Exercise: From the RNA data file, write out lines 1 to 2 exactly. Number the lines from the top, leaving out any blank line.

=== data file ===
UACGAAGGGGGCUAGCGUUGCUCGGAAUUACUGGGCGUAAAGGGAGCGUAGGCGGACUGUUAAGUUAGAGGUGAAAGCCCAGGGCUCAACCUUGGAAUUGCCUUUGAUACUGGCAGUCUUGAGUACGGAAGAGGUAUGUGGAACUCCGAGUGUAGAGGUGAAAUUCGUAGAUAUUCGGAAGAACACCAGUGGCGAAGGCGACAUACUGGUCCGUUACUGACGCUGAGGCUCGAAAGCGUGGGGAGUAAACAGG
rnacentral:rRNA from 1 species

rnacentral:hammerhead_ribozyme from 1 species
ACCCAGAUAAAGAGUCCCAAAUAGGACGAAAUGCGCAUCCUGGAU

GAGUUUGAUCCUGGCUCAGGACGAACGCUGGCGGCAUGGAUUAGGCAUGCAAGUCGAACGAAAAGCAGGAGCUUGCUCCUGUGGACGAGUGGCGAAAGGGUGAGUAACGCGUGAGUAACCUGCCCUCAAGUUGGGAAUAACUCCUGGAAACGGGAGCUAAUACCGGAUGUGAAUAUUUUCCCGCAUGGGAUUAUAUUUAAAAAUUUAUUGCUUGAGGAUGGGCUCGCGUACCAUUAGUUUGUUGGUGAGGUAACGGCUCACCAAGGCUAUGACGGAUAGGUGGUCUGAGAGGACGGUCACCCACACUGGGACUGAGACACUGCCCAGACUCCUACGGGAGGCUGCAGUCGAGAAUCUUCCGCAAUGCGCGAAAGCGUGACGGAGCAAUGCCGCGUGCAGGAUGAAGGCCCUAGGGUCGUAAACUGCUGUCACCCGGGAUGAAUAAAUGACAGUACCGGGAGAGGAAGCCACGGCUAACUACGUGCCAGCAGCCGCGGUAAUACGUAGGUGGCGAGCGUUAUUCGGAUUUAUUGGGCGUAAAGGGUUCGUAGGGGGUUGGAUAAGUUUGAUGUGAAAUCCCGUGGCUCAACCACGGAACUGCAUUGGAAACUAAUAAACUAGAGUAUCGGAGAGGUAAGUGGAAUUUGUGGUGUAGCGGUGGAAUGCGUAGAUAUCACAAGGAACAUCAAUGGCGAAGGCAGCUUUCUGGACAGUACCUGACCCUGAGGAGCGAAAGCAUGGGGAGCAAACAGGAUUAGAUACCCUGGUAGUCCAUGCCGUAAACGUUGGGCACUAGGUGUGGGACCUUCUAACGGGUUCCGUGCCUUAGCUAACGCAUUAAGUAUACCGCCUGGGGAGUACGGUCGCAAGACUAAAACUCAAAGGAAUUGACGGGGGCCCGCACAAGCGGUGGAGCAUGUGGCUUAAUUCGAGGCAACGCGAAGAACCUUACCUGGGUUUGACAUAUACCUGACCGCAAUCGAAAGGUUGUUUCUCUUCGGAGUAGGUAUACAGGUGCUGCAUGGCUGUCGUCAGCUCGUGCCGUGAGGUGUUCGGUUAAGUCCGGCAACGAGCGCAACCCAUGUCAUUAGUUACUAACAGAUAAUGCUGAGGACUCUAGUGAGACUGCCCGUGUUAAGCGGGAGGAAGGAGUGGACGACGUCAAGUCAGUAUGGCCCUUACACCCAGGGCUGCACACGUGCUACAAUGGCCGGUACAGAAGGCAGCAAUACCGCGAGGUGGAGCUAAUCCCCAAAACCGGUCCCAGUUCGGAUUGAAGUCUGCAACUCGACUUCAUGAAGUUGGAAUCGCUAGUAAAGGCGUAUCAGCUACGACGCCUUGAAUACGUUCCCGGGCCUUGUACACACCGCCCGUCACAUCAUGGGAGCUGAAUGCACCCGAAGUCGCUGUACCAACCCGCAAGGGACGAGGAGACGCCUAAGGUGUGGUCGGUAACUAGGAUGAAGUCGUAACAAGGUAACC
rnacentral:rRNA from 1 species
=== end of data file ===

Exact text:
UACGAAGGGGGCUAGCGUUGCUCGGAAUUACUGGGCGUAAAGGGAGCGUAGGCGGACUGUUAAGUUAGAGGUGAAAGCCCAGGGCUCAACCUUGGAAUUGCCUUUGAUACUGGCAGUCUUGAGUACGGAAGAGGUAUGUGGAACUCCGAGUGUAGAGGUGAAAUUCGUAGAUAUUCGGAAGAACACCAGUGGCGAAGGCGACAUACUGGUCCGUUACUGACGCUGAGGCUCGAAAGCGUGGGGAGUAAACAGG
rnacentral:rRNA from 1 species